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List of Illustrations Acknowledgements List of Contributors Foreword David Stuttard: Introduction: Medea in Context 1. Jasper Griffin: Murder in the Family, Medea and Others 2. Carmel McCallum-Barry: On Medea 3. Ioanna Karamanou: Otherness and Exile: The Trilogy of 431 BC 4. Rosie Wyles: Staging Medea 5. Ian Ruffell: Medea's Nurse 6. James Morwood: Understanding Jason 7. Richard Rutherford: The End of Medea 8. Sophie Mills: The Chorus in Medea 9. Hanna Roisman: Vengeance in Medea 10. Douglas Cairns: Medea: Feminism or Misogyny? 11. Edith Hall: Medea and the Divine 12. Betine Van Zyl Smit: Black Medeas Euripides, Medea, translated by David Stuttard Bibliography Index
A collection of essays written by leading academics on, plus an English translation of, one of the world's most important dramas.
David Stuttard is founder of the theatre company, Actors of Dionysus, translator of numerous Greek plays, and author of titles including Parthenon, Power and Politics on the Acropolis (2013), Looking at Lysistrata (Bloomsbury, 2010) and The Romans Who Shaped Britain (2012).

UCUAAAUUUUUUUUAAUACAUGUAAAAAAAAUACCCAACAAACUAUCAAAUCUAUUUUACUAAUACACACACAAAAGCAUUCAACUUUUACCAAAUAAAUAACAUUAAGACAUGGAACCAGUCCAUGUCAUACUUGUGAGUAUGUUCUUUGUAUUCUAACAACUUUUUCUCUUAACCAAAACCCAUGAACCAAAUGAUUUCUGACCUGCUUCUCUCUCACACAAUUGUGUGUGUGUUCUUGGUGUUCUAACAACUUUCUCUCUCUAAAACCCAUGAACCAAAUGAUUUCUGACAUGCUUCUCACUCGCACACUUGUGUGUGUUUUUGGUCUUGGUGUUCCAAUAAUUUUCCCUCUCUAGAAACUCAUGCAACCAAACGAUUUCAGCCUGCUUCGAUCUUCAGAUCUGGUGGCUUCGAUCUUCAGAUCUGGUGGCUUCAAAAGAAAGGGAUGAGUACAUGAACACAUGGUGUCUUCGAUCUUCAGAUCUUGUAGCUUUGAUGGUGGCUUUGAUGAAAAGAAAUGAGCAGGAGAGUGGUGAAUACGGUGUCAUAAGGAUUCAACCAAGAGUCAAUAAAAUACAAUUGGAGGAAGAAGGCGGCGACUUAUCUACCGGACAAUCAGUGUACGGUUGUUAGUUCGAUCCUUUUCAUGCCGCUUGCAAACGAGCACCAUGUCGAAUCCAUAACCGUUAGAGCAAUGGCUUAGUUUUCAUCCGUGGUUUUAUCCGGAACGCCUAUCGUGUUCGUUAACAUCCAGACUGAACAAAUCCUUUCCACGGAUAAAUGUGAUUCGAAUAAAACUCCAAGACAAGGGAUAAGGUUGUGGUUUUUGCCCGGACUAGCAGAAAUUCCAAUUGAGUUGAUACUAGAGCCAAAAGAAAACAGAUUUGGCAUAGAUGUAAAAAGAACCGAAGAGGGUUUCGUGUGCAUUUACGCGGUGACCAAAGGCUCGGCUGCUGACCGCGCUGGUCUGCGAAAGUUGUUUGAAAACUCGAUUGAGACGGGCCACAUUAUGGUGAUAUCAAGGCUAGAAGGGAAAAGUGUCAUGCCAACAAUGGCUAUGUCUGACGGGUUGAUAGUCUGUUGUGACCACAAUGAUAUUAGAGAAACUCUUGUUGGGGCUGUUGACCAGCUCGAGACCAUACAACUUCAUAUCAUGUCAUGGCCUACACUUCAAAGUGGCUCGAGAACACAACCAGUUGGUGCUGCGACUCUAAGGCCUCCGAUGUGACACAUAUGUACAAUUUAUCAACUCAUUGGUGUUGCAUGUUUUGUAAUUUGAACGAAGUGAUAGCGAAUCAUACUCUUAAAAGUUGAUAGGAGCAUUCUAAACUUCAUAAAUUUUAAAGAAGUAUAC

With his collection of essays and his beautiful and faithful translation, David Stuttard not only gently guides non-specialist readers into Euripides' tragic play but also opens new perspectives to specialists of the field. The editor has thus faced the challenge to offer fresh original insights into one "of the most often read, studied and performed of all Greek tragedies." * Caliban: French Journal of English Studies * Looking at Medea presents an accurate and performable translation together with twelve useful and sometimes illuminating interpretative perspectives on the play. Euripides' Medea emerges by consensus of the contributors as a bold and innovative work of art that is and was profoundly disturbing. -- N.J. Sewell-Rutter, Oxford Tutorial College, UK * Bryn Mawr Classical Review * Stuttard has produced a companion to the play which is extremely accessible and helpful . . . The end result is an enjoyable and wide-ranging overview of current scholarship on this tragedy and its afterlife, accompanied by a clear and accurate translation. -- Lyndsay Coo, University of Bristol, UK * The Anglo-Hellenic Review, no. 50 * A wonderfully accessible guide to a dazzling play. David Stuttard's introduction and translation, along with critical essays by twelve different scholars, offer richly varied ways of looking at Medea. * Pat Easterling, Regius Professor Emeritus of Greek, University of Cambridge *